Academic journal article Journal of Distance Education (Online)

Inquiry-Based Learning with or without Facilitator Interactions

Academic journal article Journal of Distance Education (Online)

Inquiry-Based Learning with or without Facilitator Interactions

Article excerpt

Abstract

This paper discusses findings of a study investigating how students, in four online courses, engaged in inquiry-based learning with and without support from a facilitator. The investigation was conducted by analyzing discussions of the online courses using the community of inquiry model. The results of the study imply that students in online discussions can engage in deep and meaningful learning, even when there is no facilitator interaction. Further, the findings of the analysis suggest that successful inquiries are possible without teacher or facilitator interactions, if learning environments are designed to support students being interactive and the students have motivation, regulatory skills and a willingness to collaborate with their peers.

Résumé

Dans le cadre de cet article, nous discutons les résultats obtenus dans une étude visant à déterminer comment des élèves, participant à quatre cours en ligne, se sont engagés dans un processus d'apprentissage par enquête, soit avec ou sans l'aide d'un facilitateur. L'étude a été réalisée en analysant les discussions relatives aux cours en ligne au moyen du modèle du Community of Inquiry (CoI). Les résultats de l'étude laissent entendre que les élèves participant aux discussions en ligne peuvent réaliser des apprentissages approfondis et significatifs, même en l'absence d'interaction avec un facilitateur. De plus, les résultats de l'analyse suggèrent que des enquêtes peuvent être réussies sans intervention de la part d'un enseignant ou d'un facilitateur si, d'une part, les environnements d'apprentissage sont conçus de manière à favoriser l'interactivité des élèves et, d'autre part, les étudiants ont la motivation, les compétences requises et la volonté de collaborer avec leurs pairs.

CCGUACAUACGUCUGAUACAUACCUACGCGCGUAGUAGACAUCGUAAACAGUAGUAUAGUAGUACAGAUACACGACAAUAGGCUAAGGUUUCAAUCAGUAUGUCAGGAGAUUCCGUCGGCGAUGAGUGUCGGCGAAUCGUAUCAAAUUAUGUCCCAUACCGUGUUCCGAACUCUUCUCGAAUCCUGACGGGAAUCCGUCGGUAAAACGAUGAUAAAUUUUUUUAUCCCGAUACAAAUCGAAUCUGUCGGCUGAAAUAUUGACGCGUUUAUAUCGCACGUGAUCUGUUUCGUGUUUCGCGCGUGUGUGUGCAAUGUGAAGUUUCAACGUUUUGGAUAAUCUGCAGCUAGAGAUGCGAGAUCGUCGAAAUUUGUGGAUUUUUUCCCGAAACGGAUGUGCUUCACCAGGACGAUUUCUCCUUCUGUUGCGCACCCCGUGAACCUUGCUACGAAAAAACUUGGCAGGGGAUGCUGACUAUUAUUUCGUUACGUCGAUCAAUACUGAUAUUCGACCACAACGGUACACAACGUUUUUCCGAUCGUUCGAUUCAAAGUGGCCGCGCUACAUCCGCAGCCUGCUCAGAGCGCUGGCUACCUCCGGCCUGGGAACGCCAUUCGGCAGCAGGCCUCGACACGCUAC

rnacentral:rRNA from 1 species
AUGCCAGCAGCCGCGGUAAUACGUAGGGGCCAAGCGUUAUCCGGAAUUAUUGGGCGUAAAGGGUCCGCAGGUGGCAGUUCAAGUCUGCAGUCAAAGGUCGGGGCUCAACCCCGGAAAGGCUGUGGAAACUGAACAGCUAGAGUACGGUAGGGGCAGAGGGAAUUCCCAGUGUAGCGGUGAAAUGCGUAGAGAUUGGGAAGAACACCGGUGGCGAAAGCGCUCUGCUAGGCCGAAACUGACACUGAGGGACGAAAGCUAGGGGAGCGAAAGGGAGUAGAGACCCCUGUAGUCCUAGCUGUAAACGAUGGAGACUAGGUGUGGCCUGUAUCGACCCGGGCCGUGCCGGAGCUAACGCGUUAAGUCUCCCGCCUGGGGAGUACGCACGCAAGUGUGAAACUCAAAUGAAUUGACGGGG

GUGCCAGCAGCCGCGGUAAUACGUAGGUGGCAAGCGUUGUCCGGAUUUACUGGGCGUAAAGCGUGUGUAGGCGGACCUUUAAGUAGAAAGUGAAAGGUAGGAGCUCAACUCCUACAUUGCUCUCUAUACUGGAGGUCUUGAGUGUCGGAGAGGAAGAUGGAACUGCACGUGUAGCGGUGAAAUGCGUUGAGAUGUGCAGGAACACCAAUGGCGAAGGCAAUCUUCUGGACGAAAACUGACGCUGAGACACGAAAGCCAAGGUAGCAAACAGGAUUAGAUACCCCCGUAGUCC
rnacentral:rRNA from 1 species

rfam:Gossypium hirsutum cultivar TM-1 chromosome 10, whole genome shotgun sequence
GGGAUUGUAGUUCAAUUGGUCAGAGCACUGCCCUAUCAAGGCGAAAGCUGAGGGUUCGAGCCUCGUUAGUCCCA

Introduction

Inquiry-based learning (IBL) is a question-driven learning approach, which has the potential to promote students' active engagement in online learning. It has been considered an effective method of engaging students in higher-order learning in university-level educational programmes (Garrison & Cleveland-Innes, 2005; Oliver, 2008). IBL processes support students from scientific disciplines in constructing subject knowledge, as well as acquiring reasoning skills and engaging in practices collaboratively (Hmelo-Silver, Duncan, & Chinn, 2007).

According to Hmelo-Silver et al. (2007, p. 100), a teacher in an IBL environment "plays a key role in facilitating the learning process and may provide content knowledge on a just-in-time basis". This line of reasoning implies that teacher or facilitator interactions are essential for students' learning in IBL environments. Also, research studies pertaining to online learning environments (e.g., Fredericksen, Pickett, Pelz, & Maher, 2000; Swan, 2002; Gibbings, Lidstone, & Bruce, 2010) indicate that the teacher-facilitator's interaction positively correlates with students' learning. However, Anderson, et al (2001) report that such a teaching role in an online community of inquiry can be considered a collaborative activity, i.e., consisting of one or more participants in the community. Accordingly, students that belong to a community of inquiry have the opportunity of assuming the role of a teacher. Therefore, it is important to examine teacher interactions further to shed light on, and possibly determine, whether student-student interactions can be more or less important than teacher -facilitator-student interaction for students' learning in IBL environments. Furthering our knowledge on this would be beneficial for instructional designers and online course developers, who are interested in knowing what sort of interactions should be emphasized and implemented in IBL environments.

In order to examine teacher interactions in an IBL environment, discussions in the learning environment can be analyzed using the teaching presence component of the community of inquiry (CoI) model (Anderson et al. …

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